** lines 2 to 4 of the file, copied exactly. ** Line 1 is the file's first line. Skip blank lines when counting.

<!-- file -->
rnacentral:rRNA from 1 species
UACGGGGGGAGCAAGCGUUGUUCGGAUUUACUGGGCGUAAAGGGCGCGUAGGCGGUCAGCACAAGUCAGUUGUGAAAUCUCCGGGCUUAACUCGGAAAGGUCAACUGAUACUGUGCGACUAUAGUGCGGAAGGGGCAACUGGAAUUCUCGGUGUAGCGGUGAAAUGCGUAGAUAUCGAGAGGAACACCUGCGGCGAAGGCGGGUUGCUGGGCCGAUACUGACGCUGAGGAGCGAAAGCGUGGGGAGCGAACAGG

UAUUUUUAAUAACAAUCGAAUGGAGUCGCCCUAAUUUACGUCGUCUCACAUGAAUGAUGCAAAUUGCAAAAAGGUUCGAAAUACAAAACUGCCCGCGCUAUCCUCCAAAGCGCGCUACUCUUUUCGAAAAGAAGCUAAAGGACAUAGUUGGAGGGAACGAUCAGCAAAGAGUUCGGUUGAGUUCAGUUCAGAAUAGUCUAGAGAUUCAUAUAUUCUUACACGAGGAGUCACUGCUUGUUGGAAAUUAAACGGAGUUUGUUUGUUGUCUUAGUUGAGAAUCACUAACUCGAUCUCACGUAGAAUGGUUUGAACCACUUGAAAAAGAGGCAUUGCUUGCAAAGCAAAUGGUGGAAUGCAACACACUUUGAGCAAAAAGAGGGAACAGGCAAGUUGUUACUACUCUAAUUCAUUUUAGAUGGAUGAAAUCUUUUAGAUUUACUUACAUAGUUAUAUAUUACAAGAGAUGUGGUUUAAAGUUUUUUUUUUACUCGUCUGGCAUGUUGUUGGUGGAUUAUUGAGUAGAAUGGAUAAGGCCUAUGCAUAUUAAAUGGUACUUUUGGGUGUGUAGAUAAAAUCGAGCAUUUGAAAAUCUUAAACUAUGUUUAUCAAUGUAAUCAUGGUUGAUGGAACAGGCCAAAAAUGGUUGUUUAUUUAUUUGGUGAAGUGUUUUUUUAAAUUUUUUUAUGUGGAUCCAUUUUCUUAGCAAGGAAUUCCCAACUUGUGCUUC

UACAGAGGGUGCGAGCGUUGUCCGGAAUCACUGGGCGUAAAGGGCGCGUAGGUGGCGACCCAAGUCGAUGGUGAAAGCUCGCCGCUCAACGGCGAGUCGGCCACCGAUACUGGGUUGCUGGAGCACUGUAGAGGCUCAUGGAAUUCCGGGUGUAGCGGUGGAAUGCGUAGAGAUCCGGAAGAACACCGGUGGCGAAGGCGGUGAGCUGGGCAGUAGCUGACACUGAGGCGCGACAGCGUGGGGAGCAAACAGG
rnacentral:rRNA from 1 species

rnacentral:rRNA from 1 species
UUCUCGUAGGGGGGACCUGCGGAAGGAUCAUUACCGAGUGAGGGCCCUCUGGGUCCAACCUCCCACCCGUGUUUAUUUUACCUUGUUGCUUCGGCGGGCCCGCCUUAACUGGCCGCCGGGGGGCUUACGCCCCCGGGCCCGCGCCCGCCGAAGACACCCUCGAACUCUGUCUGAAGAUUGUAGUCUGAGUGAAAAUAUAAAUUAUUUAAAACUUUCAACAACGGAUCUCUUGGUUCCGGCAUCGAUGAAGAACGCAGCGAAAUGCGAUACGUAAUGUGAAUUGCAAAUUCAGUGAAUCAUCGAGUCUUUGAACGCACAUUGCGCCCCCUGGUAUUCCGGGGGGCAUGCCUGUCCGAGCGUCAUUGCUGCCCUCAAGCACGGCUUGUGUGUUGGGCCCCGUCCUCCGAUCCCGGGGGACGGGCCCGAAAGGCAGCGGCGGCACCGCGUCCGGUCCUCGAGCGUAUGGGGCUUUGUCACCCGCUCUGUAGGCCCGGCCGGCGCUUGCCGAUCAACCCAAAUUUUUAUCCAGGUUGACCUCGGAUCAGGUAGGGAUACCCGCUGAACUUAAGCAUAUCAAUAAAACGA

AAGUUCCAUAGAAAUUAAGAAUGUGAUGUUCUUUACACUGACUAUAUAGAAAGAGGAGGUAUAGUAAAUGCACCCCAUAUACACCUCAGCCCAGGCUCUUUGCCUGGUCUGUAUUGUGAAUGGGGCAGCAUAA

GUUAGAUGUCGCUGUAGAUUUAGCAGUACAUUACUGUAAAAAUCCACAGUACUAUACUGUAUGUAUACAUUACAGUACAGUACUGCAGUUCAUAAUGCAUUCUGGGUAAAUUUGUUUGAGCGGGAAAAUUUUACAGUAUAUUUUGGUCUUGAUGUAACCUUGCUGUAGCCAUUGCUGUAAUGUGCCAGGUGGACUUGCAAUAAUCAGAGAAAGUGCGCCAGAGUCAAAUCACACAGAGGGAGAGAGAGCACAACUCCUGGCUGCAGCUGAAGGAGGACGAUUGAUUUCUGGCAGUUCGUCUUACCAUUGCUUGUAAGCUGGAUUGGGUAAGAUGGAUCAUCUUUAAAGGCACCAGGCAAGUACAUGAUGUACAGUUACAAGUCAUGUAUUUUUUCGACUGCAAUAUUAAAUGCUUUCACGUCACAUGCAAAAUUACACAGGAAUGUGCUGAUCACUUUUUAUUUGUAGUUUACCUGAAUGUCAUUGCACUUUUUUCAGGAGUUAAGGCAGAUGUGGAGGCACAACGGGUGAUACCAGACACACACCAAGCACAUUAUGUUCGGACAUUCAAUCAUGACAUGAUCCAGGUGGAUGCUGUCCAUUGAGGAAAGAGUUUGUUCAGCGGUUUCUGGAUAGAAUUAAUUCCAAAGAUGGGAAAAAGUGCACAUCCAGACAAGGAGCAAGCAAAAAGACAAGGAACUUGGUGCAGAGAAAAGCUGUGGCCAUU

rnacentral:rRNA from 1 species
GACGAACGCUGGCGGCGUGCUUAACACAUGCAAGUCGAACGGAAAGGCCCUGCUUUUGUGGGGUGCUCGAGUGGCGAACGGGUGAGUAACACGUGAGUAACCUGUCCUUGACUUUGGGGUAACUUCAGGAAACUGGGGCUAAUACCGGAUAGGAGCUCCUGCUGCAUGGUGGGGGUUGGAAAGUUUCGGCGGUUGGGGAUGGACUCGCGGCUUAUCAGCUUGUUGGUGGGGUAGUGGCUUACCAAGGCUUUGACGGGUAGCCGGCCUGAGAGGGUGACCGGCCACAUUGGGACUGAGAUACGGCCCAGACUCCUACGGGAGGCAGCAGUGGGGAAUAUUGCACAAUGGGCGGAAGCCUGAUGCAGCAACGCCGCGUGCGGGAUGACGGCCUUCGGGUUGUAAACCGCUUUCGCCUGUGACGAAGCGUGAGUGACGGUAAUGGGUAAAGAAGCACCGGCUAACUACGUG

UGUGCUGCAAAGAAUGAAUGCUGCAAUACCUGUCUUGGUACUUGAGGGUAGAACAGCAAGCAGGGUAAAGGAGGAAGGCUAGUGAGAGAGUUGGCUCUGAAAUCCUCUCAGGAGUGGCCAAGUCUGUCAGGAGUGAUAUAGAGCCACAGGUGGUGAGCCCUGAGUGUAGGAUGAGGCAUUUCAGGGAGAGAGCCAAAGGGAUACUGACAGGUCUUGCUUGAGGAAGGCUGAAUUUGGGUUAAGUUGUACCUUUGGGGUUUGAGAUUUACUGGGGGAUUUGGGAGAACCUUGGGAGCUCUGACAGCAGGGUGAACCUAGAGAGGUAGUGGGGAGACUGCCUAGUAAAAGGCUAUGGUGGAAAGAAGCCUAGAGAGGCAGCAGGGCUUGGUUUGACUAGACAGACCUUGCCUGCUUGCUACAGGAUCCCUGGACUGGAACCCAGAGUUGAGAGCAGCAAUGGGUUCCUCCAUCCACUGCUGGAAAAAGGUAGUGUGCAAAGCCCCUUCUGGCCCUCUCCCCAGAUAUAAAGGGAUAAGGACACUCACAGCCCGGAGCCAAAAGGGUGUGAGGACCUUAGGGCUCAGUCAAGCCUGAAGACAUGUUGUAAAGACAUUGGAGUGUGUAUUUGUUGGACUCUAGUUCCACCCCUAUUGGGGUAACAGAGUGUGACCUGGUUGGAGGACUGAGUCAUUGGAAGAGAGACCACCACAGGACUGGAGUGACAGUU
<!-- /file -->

UACGGGGGGAGCAAGCGUUGUUCGGAUUUACUGGGCGUAAAGGGCGCGUAGGCGGUCAGCACAAGUCAGUUGUGAAAUCUCCGGGCUUAACUCGGAAAGGUCAACUGAUACUGUGCGACUAUAGUGCGGAAGGGGCAACUGGAAUUCUCGGUGUAGCGGUGAAAUGCGUAGAUAUCGAGAGGAACACCUGCGGCGAAGGCGGGUUGCUGGGCCGAUACUGACGCUGAGGAGCGAAAGCGUGGGGAGCGAACAGG

UAUUUUUAAUAACAAUCGAAUGGAGUCGCCCUAAUUUACGUCGUCUCACAUGAAUGAUGCAAAUUGCAAAAAGGUUCGAAAUACAAAACUGCCCGCGCUAUCCUCCAAAGCGCGCUACUCUUUUCGAAAAGAAGCUAAAGGACAUAGUUGGAGGGAACGAUCAGCAAAGAGUUCGGUUGAGUUCAGUUCAGAAUAGUCUAGAGAUUCAUAUAUUCUUACACGAGGAGUCACUGCUUGUUGGAAAUUAAACGGAGUUUGUUUGUUGUCUUAGUUGAGAAUCACUAACUCGAUCUCACGUAGAAUGGUUUGAACCACUUGAAAAAGAGGCAUUGCUUGCAAAGCAAAUGGUGGAAUGCAACACACUUUGAGCAAAAAGAGGGAACAGGCAAGUUGUUACUACUCUAAUUCAUUUUAGAUGGAUGAAAUCUUUUAGAUUUACUUACAUAGUUAUAUAUUACAAGAGAUGUGGUUUAAAGUUUUUUUUUUACUCGUCUGGCAUGUUGUUGGUGGAUUAUUGAGUAGAAUGGAUAAGGCCUAUGCAUAUUAAAUGGUACUUUUGGGUGUGUAGAUAAAAUCGAGCAUUUGAAAAUCUUAAACUAUGUUUAUCAAUGUAAUCAUGGUUGAUGGAACAGGCCAAAAAUGGUUGUUUAUUUAUUUGGUGAAGUGUUUUUUUAAAUUUUUUUAUGUGGAUCCAUUUUCUUAGCAAGGAAUUCCCAACUUGUGCUUC

UACAGAGGGUGCGAGCGUUGUCCGGAAUCACUGGGCGUAAAGGGCGCGUAGGUGGCGACCCAAGUCGAUGGUGAAAGCUCGCCGCUCAACGGCGAGUCGGCCACCGAUACUGGGUUGCUGGAGCACUGUAGAGGCUCAUGGAAUUCCGGGUGUAGCGGUGGAAUGCGUAGAGAUCCGGAAGAACACCGGUGGCGAAGGCGGUGAGCUGGGCAGUAGCUGACACUGAGGCGCGACAGCGUGGGGAGCAAACAGG